Global Collaborative Responses in Responding to Amphibian Chytridiomycosis

Friday, February 12, 2016: 8:00 AM-9:30 AM
Harding (Marriott Wardman Park)
Ana V. Longo, University of Maryland, College Park, MD
Our increased capacity for mobility is rapidly creating new connections among disjunct areas, thus changing the landscape of infectious diseases globally. To accelerate the acquisition of new knowledge about emerging infectious diseases, global teams of interdisciplinary scientists can directly benefit vulnerable species before and after disease emergence. Here, we present examples from the amphibian disease chytridiomycosis, for which collaborative responses have broadened our perspective about the patterns of disease spread, how hosts respond to infection, and what are some biotic alternatives for disease control.

Our initial bias to investigate amphibians in localities with known die-offs (e.g. Panama, California) misled us to propose that we were facing a novel fungal pathogen (Batrachochytrium dendrobatidis, =Bd). Global collaborations uncovered Bd in areas without declines, and identified new strains with diverse genotypes. Bd’s evolutionary history now includes six genetically distinct lineages, an origin that predates any modern amphibian decline, and a recently discovered sister species B. salamandrivorans (Bsal). These findings changed the fundamental knowledge of the amphibian-chytridiomycosis system, because Bd/Bsal distributions vary across continents, as well as their pathogenicity and morphology. Our results have relied on obtaining pure isolates from infected hosts, which is not an easy task under low-level infections. In the future, we expect to develop novel assays that can simultaneously quantify infection load and determine genotypes in a single test.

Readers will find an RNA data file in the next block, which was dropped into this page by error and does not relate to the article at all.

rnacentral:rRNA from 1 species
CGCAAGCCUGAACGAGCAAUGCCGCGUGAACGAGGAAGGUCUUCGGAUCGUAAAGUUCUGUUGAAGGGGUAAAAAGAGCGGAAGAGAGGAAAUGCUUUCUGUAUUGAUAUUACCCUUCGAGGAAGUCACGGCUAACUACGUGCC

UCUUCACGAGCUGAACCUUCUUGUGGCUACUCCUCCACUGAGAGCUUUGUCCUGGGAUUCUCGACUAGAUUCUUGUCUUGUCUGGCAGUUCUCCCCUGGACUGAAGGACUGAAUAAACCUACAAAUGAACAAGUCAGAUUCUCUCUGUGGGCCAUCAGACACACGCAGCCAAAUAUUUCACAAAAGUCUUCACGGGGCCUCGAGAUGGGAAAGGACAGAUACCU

On the host side, we aim to predict why some species are susceptible while others survive. Using analyses of gene expression, teams found that the lack of immune response—paradoxically—helped frogs survive infection better than frogs that mounted a strong immune defense. Understanding the role of these genes (when do they work or when they are suppressed) can inform captive breeding and reintroduction programs. However, host genetic makeup is only part of the defense strategies. Some naturally occurring skin bacteria have shown antagonistic interactions with Bd, thus can contribute an indirect mechanism of defense for the host.

Taken together, these findings have permitted fast developments to prevent the potential spread of Bsal into naïve salamanders. Global teams employ evolutionary approaches to predict susceptibility to Bsal among salamanders. Now we have informed predictions that will help us prioritize species and areas, but only time will tell if our efforts are adequate.